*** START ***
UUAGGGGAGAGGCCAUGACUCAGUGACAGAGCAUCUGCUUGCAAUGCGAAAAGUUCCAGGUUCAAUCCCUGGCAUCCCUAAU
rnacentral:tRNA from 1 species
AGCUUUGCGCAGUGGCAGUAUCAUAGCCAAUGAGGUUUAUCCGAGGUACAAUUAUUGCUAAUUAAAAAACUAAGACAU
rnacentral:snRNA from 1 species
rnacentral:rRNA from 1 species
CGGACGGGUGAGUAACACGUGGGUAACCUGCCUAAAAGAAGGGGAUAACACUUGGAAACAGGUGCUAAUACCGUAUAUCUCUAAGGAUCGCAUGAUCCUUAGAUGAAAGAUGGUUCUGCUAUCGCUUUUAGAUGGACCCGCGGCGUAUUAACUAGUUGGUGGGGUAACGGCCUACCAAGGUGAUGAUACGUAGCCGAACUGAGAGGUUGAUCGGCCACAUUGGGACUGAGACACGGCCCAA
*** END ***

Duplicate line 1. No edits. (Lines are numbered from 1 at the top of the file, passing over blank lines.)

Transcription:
UUAGGGGAGAGGCCAUGACUCAGUGACAGAGCAUCUGCUUGCAAUGCGAAAAGUUCCAGGUUCAAUCCCUGGCAUCCCUAAU